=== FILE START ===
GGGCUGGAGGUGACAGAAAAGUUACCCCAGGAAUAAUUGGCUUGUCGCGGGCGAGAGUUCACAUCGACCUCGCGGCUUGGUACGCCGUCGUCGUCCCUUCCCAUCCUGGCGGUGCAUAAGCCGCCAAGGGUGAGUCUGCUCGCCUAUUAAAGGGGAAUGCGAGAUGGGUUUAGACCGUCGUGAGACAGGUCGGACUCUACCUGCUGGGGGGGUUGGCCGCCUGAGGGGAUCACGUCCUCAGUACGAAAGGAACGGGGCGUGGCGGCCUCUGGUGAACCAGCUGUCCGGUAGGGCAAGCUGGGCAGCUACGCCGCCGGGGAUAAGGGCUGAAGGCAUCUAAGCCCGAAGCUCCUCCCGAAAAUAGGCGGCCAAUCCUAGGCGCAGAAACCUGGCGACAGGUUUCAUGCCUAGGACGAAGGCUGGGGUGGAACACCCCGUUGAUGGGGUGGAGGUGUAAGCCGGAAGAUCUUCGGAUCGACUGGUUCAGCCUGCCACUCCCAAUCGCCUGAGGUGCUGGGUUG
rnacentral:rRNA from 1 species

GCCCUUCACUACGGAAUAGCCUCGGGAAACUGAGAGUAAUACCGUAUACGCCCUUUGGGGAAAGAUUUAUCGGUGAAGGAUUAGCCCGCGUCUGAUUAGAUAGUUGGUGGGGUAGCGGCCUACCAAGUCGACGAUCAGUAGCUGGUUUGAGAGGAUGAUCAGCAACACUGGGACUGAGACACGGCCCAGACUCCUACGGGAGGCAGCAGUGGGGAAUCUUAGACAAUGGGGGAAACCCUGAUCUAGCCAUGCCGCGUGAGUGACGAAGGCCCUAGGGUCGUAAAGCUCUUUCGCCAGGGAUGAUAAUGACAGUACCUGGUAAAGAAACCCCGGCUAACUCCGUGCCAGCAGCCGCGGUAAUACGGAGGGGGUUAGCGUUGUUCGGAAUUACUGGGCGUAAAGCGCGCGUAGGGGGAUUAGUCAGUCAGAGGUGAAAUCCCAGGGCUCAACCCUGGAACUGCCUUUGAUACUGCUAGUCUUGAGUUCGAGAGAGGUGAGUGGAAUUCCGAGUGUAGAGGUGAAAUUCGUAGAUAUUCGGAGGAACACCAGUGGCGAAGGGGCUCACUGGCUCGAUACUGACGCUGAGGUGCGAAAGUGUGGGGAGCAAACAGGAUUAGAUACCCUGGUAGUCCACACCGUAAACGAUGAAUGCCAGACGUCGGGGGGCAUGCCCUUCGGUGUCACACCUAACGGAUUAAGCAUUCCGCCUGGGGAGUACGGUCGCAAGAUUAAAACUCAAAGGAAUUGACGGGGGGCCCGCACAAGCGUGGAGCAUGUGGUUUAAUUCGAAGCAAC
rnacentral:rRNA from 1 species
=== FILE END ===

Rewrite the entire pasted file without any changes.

GGGCUGGAGGUGACAGAAAAGUUACCCCAGGAAUAAUUGGCUUGUCGCGGGCGAGAGUUCACAUCGACCUCGCGGCUUGGUACGCCGUCGUCGUCCCUUCCCAUCCUGGCGGUGCAUAAGCCGCCAAGGGUGAGUCUGCUCGCCUAUUAAAGGGGAAUGCGAGAUGGGUUUAGACCGUCGUGAGACAGGUCGGACUCUACCUGCUGGGGGGGUUGGCCGCCUGAGGGGAUCACGUCCUCAGUACGAAAGGAACGGGGCGUGGCGGCCUCUGGUGAACCAGCUGUCCGGUAGGGCAAGCUGGGCAGCUACGCCGCCGGGGAUAAGGGCUGAAGGCAUCUAAGCCCGAAGCUCCUCCCGAAAAUAGGCGGCCAAUCCUAGGCGCAGAAACCUGGCGACAGGUUUCAUGCCUAGGACGAAGGCUGGGGUGGAACACCCCGUUGAUGGGGUGGAGGUGUAAGCCGGAAGAUCUUCGGAUCGACUGGUUCAGCCUGCCACUCCCAAUCGCCUGAGGUGCUGGGUUG
rnacentral:rRNA from 1 species

GCCCUUCACUACGGAAUAGCCUCGGGAAACUGAGAGUAAUACCGUAUACGCCCUUUGGGGAAAGAUUUAUCGGUGAAGGAUUAGCCCGCGUCUGAUUAGAUAGUUGGUGGGGUAGCGGCCUACCAAGUCGACGAUCAGUAGCUGGUUUGAGAGGAUGAUCAGCAACACUGGGACUGAGACACGGCCCAGACUCCUACGGGAGGCAGCAGUGGGGAAUCUUAGACAAUGGGGGAAACCCUGAUCUAGCCAUGCCGCGUGAGUGACGAAGGCCCUAGGGUCGUAAAGCUCUUUCGCCAGGGAUGAUAAUGACAGUACCUGGUAAAGAAACCCCGGCUAACUCCGUGCCAGCAGCCGCGGUAAUACGGAGGGGGUUAGCGUUGUUCGGAAUUACUGGGCGUAAAGCGCGCGUAGGGGGAUUAGUCAGUCAGAGGUGAAAUCCCAGGGCUCAACCCUGGAACUGCCUUUGAUACUGCUAGUCUUGAGUUCGAGAGAGGUGAGUGGAAUUCCGAGUGUAGAGGUGAAAUUCGUAGAUAUUCGGAGGAACACCAGUGGCGAAGGGGCUCACUGGCUCGAUACUGACGCUGAGGUGCGAAAGUGUGGGGAGCAAACAGGAUUAGAUACCCUGGUAGUCCACACCGUAAACGAUGAAUGCCAGACGUCGGGGGGCAUGCCCUUCGGUGUCACACCUAACGGAUUAAGCAUUCCGCCUGGGGAGUACGGUCGCAAGAUUAAAACUCAAAGGAAUUGACGGGGGGCCCGCACAAGCGUGGAGCAUGUGGUUUAAUUCGAAGCAAC
rnacentral:rRNA from 1 species